China just announced it will invest massively into its renewable energy sector as the world prepares for a new energy leader.
China’s economy has taken huge strides in past decades, growing from a poor, developing country, to the world’s largest economy. This new China was built on coal – the dirtiest source of energy there is. The results were horrifying, as the country is still struggling to deal with the resulting pollution. China’s smog kills 4,000 people every day, most of the coastline is heavily polluted, and few cities have a decent air quality. In the rural areas it’s even worse. But China isn’t slumbering. China’s renewable energy sector is growing faster than its fossil fuels and nuclear power capacity. In 2015, they became the world’s largest producer of photovoltaic power, at 43 GW installed capacity. They also lead the world in the production and use of wind power and smart grid technologies – and they’ve just begun.
The Chinese National Energy Administration announced its plans to develop the energy sector. They aim to achieve 50% clean energy by 2020, harnessing wind, hydro, solar and nuclear power. Geothermal is also expected to play a part, although a smaller one at that.
The agency didn’t make many details public, but they did announce a full investment figure: $360bn from 2016 until 2020 – that’s a whopping $72 bn / year. Just so you can get an idea, global investments were $285.9 billion in 2015, and US investments were $44 billion in the same year. China is almost doubling the US in investments, which is simply amazing. It’s not even like this is an optimistic plan – many analysts expect China to surpass that figure.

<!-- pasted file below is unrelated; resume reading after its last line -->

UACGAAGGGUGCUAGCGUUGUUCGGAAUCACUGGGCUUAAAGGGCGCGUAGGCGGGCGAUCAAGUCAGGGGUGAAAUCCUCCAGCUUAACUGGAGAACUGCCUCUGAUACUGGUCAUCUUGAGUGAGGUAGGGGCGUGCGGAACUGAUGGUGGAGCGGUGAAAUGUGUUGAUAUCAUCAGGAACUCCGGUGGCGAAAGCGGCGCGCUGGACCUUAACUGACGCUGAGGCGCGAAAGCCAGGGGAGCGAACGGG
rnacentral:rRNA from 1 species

“The government may exceed these targets because there are more investment opportunities in the sector as costs go down,” said Steven Han, renewable analyst with securities firm Shenyin Wanguo.
The investments are expected to create 15 million new jobs in China. But it’s not all rosy, not in the least. China is also by far the world’s biggest polluter and they have a lot of work to do if they want to ensure a proper development of their energy sector. In 2014 the carbon emissions from China made up about 28.8% of the world total Furthermore, as more and more people are expected to raise their standard of life, their energy consumption will grow dramatically. In order to cover this growth, China is also planning a number of new coal mines and coal plants. Their economy has somewhat decoupled from coal usage, but coal remains a big problem for China.
Andrei's background is in geophysics, and he's been fascinated by it ever since he was a child. Feeling that there is a gap between scientists and the general audience, he started ZME Science -- and the results are what you see today.